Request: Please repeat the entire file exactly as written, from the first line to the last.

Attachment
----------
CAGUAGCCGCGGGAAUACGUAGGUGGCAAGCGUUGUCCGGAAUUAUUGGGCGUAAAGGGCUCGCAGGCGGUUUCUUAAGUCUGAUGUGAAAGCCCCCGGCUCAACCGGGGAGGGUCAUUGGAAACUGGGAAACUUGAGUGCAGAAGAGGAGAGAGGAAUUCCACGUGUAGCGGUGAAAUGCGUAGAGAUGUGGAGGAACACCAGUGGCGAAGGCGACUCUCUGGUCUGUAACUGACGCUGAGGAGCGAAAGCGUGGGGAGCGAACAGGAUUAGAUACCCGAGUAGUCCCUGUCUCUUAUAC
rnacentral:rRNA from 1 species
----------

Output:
CAGUAGCCGCGGGAAUACGUAGGUGGCAAGCGUUGUCCGGAAUUAUUGGGCGUAAAGGGCUCGCAGGCGGUUUCUUAAGUCUGAUGUGAAAGCCCCCGGCUCAACCGGGGAGGGUCAUUGGAAACUGGGAAACUUGAGUGCAGAAGAGGAGAGAGGAAUUCCACGUGUAGCGGUGAAAUGCGUAGAGAUGUGGAGGAACACCAGUGGCGAAGGCGACUCUCUGGUCUGUAACUGACGCUGAGGAGCGAAAGCGUGGGGAGCGAACAGGAUUAGAUACCCGAGUAGUCCCUGUCUCUUAUAC
rnacentral:rRNA from 1 species